Written for Christian Flash Weekly #26
The alley was dark.
Don Cheatham stopped, unable to see. He touched Diamond’s shoulder. “I guess we’ll spend the night here.” He swung out of the saddle and carefully untacked her. He took a step forward to lay the saddle down and tripped over…something. He lay sprawled on the ground, not even making an effort to get up.
It seemed like forever since he slipped out on his parents. He had taken his truck, their little trailer, and Diamond, his horse. After a summer of winning at his local rodeos, he was positive that he could make it at the nationals. His father had said no. “You need more practice, Don.” He told Don. “You swing too fast, Diamond is still green and you both need more work on the little things. Next year, I’ll take you to the nationals.” Don had huffed for a bit, begged, but nothing worked. Finally, the night before the first event, he sneaked out.
He won third.
His father came to the rodeo, looking for him. Somehow, Don had snuck out without getting caught. Living on his winnings, he had made the week—barely—to the next event a state away. He was homesick and got fifth this time. He traveled to the next event, unable to sleep in hotels and still eat, buy gas, pay entry fees and feed Diamond.
He was exhausted when he got there, but somehow he managed to get fourth.
And so it went on the whole summer. Fourth, sixth, fifth, fourth and sixth again.
His truck had run out of gas ten miles away from the rodeo grounds and he had to ride Diamond all night when she should have been resting for the next day’s elimination round.
“Number 1775, seventeen year old Don Cheatham riding TJ’s Diamond Dance. He hasn’t been doing too well this year, let’s hope he can change this today!”
Diamond had given it her best and they had gotten sixth.
And they had gotten eliminated.
Now, he was here in this alley behind the rodeo for the night. Somehow he had to get gas to his truck and find somewhere to go. He was three states away from home. Then again, not like anyone there would want to see him. He thought about his family.
They’d never want to see him again. Not after he left them like that.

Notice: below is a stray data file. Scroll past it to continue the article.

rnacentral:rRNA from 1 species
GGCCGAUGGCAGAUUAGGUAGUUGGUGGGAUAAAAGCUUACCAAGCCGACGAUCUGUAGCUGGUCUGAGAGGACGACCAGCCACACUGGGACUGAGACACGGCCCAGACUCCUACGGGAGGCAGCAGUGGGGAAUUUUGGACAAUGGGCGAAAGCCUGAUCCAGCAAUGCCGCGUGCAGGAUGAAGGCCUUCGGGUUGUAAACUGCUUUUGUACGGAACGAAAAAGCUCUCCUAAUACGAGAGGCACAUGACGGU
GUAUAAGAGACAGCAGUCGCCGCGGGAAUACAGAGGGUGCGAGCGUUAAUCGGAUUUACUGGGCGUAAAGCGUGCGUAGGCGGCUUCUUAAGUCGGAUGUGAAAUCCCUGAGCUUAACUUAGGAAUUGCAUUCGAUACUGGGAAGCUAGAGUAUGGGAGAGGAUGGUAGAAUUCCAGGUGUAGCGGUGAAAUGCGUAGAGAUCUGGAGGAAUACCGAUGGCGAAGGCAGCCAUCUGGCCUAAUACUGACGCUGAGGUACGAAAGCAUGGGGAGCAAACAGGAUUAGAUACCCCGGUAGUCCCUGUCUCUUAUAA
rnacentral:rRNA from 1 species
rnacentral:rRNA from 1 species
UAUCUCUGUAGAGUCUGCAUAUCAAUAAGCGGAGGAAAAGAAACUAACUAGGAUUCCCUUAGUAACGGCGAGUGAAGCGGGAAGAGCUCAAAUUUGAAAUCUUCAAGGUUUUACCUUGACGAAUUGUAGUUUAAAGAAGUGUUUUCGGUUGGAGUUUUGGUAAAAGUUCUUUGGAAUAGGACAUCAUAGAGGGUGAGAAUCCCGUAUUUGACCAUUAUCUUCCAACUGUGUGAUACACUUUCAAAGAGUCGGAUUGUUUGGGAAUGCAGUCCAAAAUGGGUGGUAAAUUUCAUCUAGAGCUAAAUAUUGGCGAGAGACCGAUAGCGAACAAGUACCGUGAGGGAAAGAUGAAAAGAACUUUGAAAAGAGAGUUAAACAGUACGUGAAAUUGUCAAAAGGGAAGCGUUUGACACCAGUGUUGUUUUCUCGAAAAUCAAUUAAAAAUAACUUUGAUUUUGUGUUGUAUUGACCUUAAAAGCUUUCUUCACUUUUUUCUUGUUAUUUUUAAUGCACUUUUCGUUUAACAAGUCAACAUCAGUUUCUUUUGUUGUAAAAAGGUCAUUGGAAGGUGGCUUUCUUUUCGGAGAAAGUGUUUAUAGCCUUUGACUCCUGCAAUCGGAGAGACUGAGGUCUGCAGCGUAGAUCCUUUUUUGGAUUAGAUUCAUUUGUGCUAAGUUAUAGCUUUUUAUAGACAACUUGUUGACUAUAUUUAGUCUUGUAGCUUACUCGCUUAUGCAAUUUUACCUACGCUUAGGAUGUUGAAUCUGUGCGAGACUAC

Diamond snorted. Don sighed and pushed himself up. “Ok, forget about sleeping. Let’s go find the truck.”
Sunrise found Don at his truck, wearily slipping inside. There was a message on his cell. He listened to it.
“Hey Don, this is your dad. I saw the last event on TV. Diamond did good that round, but you weren’t focused on your cow, son. Look, we want to know if…”
Don jerked the phone away from his ear and stared at it in dismay. The battery died. “No…” he managed to moan.
There was a tap on his window. He looked over to see a policewoman standing there. He opened his door. “Morning, ma’am.”
“Is there some trouble here?” She asked, calmly going over his rig.
“Ran outa gas.”
“I figured. So, here. I keep a gas can in my trunk for folks. You want it?”
Don slipped out of the cab, laughing with relief. “Yeah…wow.Thanks, ma’am!”
Fifteen minutes later, he was at Circle K, topping off his tank. He slipped back in his cab and picked up his phone, now charged from being plugged into a working truck.
“Hey Don, this is your dad. I saw the last event on TV. Diamond did good that round, but you weren’t focused on your cow, son. Look, we want to know if your gonna come home. We miss you around here, Don. I’ve been praying every night for you. Terri…I’m on the phone. Wait a minute. Oh, ok.” A new voice came on. “Hey Don…this is Terri. So, uh, Ginger had her foal!! Won’t you come home? Please?? I miss you!!” Dad’s voice came back on. “Well…we miss you, Don. We love you too. Come home, please. Bye.”
It took two days, but Don finally made it home. When he got there, it was dark.
But there was a light on in the kitchen and Don walked towards it. When he opened the door, his dad looked up. Their eyes met. Dad smiled big.
“Welcome home, son.”